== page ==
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 Maxim Gorky

Maxim Gorky

Birth
Nizhni Novgorod, Nizhny Novgorod Oblast, Russia
Death 18 Jun 1936 (aged 68)
Burial Moscow, Moscow Federal City, Russia
Memorial ID 8298247 · View Source
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Author. Famed as a short story writer, novelist, autobiographer and essayist, he was born Aleksei Maximovich Peshkov but start to write under pseudonym Gorki (Gorky) which means "bitter". The town he was born in, Nizhnii Novgorod, was later named "Gorky" in his honor. He lost his parents at an early age - his father died of cholera and his mother died of tuberculosis. The scene of his mother, wailing and mourning over her dead husband, opens his book of memoir "My Childhood". Orphaned at the age of 11, he experienced the deprivations of poverty. The most important person in his life in those years was his grandmother, whose fondness for literature and compassion for the downtrodden influenced him deeply. Receiving little education but endowed with an great memory, he left home at the age of 12, and followed from one profession to another. On a Volga River steamer, he learned to read. In 1883 he was a worker in a biscuit factory, then a porter, baker's boy, fruit seller, railway employee, clerk to an advocate, and in 1891 an operative in a salt mill. Later he used later material from his wandering years in his books. In 1884 he failed to enter Kazan University, and in the late 1880s he was arrested for revolutionary activities. At the age of 19 he attempted suicide but survived when the bullet missed his heart. His lungs were damaged permanently in the attempt, which led to frequent bouts with tuberculosis. In 1892, he returned to Nizhny-Novgorod, where he took a job as a reporter for a provincial newspaper and continued his writing. His story “Chelkash” in 1893, the story of a harbor thief, was an immediate success, and by 1895 his works were appearing in Petersburg publications. In his early writing career Gorky became friends with Anton Chekhov, Leo Tolstoy, and Vladimir Lenin. Encouraged by Chekhov, he composed his most famous play, "The Lower Depths" which took much of the material from his short stories. He became involved in a secret printing press and was temporarily exiled to Arzamas, central Russia in 1902. In the same year he was elected to the Russian Academy, but election was declared invalid by the government and several members of the Academy resigned in protest. Because of his political activism, Gorky was constantly in trouble with the tsarists authorities. He joined the Social Democratic party's left wing, headed by Lenin. To raise money to Russian revolutionaries, he went to the United States in 1906. However, he was compelled to leave his hotel, not because of his political opinions, but because he traveled with Mlle. Andreieva, with whom he was not legally married. At that time, he had not obtained divorce from his first wife, Ekaterina Pavlovna, with whom he had two children. During his ill-fated mission to America to raise funds for the Bolshevik cause, he wrote in the Adirondack Mountains greater part of his classic novel, "The Mother", which appeared in 1906 to 1907. In 1913 he returned to Russia, and helped to found the first Workers' and Peasants' University, the Petrograd Theater, and the World Literature Publishing House. The first part of his acclaimed autobiographical trilogy, "My Childhood", appeared in 1913-14. It was followed by "In the World" (1916), and "My Universities" (1922). After Russian Revolution he enjoyed protected status, although in 1918 his protests against Bolsheviks dictatorial methods were silenced by Lenin's order. Dissatisfaction with the communist regime and its treatment of intellectuals lead to his voluntary exile during the 1920s. In 1924 to 1925 he lived in Sorrento, but persuaded by Soviet dictator Josef Stalin, he returned in 1931 to Russia. He founded a number of journals and became head of the Writers Union. Maxim Gorky died suddenly of pneumonia in his country home. Rumors have lived ever since that he may have been assassinated on Joseph Stalin orders.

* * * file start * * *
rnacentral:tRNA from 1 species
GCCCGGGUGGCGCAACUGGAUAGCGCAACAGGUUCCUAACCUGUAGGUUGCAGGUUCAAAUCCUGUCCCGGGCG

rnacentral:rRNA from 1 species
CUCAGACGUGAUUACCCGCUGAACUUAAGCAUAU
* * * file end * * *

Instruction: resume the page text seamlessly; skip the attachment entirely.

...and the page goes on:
Bio by: Jelena



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  • Maintained by: Find A Grave
  • Originally Created by: Jelena
  • Added: 20 Jan 2004
  • Find A Grave Memorial 8298247
  • Find A Grave, database and images (https://www.findagrave.com : accessed ), memorial page for Maxim Gorky (28 Mar 1868–18 Jun 1936), Find A Grave Memorial no. 8298247, citing Kremlin Wall Necropolis, Moscow, Moscow Federal City, Russia ; Maintained by Find A Grave .